The were both put in concentration camps, died from diseases, and tortured. The Jehovah’s Witnesses were more stubborn in not giving up their faith and putting up resistance. Consequently, the guards almost trusted them. In contrast, Gypsies were forced to take on another religion and gave in more suddenly. They both, however, lost millions of people who were persecuted for their religion (“The Holocaust: Non-Jewish Victims” 2).
This implies that the loss didn’t only decrease their prophets however, the employees that worked there as well. These employees could have moved to the other parts of Germany to make money there nevertheless, they were forced to move in with the country taking over. This engendered lots of the citizens to be scared and feel unprotected. C. Furthermore, the number of military soldiers was also dropped. Document B mentions how the army members was reduced to only 100,000.
Before this visas were required to enter. This created the largest single group to leave Germany, with 30,000 people (How Did the Fall). The people of Germany who were suffering because of the wall now had hope to safely leave their current living conditions, and begin again without fear of separation or death. Lives were changed for the better, and people could legally travel, unlike East and West Berlin. America was also one of the countries that changed after The Wall, public opinion of many things, but mainly Germany and politics.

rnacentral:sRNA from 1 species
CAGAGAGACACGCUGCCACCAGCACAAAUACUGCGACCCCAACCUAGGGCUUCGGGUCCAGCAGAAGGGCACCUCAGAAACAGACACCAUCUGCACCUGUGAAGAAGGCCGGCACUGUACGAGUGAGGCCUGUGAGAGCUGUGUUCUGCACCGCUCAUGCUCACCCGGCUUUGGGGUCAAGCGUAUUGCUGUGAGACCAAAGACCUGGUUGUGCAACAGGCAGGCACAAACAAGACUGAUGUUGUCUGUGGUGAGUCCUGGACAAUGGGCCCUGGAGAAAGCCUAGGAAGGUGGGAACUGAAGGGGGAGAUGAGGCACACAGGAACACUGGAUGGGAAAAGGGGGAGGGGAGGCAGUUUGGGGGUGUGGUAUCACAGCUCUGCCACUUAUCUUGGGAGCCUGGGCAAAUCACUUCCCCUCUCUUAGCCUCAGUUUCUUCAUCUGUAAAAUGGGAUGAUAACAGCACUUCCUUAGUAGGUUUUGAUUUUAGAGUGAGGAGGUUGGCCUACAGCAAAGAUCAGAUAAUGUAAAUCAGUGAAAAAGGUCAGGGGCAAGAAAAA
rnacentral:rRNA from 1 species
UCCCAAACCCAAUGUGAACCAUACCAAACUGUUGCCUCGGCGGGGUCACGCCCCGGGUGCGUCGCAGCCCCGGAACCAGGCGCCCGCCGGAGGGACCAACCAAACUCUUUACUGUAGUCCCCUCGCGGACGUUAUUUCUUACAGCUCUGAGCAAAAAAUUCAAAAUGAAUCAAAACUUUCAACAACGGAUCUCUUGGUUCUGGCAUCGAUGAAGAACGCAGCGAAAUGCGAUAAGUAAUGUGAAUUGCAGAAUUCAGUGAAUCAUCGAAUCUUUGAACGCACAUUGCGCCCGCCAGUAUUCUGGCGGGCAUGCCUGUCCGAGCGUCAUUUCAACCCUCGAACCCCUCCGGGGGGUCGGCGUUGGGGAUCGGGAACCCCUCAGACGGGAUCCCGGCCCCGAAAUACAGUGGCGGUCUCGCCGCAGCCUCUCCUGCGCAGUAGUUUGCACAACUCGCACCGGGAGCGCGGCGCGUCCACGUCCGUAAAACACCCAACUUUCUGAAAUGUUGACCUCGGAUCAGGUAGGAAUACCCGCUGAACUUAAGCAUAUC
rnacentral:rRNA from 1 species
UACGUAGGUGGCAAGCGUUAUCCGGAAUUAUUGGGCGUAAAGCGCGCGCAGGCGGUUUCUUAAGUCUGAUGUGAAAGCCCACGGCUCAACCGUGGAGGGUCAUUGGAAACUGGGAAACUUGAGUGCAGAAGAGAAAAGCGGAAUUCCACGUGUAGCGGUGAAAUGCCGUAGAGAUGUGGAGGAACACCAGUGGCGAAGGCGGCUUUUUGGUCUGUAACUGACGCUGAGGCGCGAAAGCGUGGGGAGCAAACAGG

During Kristallnacht (“The night of the broken glass”), 8,000 Jewish businesses were destroyed, 30,000 Jews taken to concentration camps. Almost 2,000 through 2,500 deaths were caused by the terrible events of that horrible night. This tragedy was not only the SS and SA carrying out this persecution but it was met with involvement of many German citizens. German citizens aren’t as innocent as history makes them. Now there were some Germans who opposed to the Holocaust, that were afraid to speak out because Hitler was so powerful at the time.
This economic distress emanated from the rising populations as well as social and economic troubles that were facing the initial stages of agricultural commercialization, urban area development and industrial revolution. This saw Germans make more than a quarter of all immigrants that were arriving in the US between the period of 1830s and 1880s. Moreover, German immigration into America was also due to political subjugation of liberal engagements that had seen German states participate fully after 1819, but more significantly, than any other was the abortive revolutions of 1848 that had seen most Germans flee from their countries. Most of those who fled their countries because of these repressions comprised young students, teachers and other intellectuals who would later on give German communities that lived in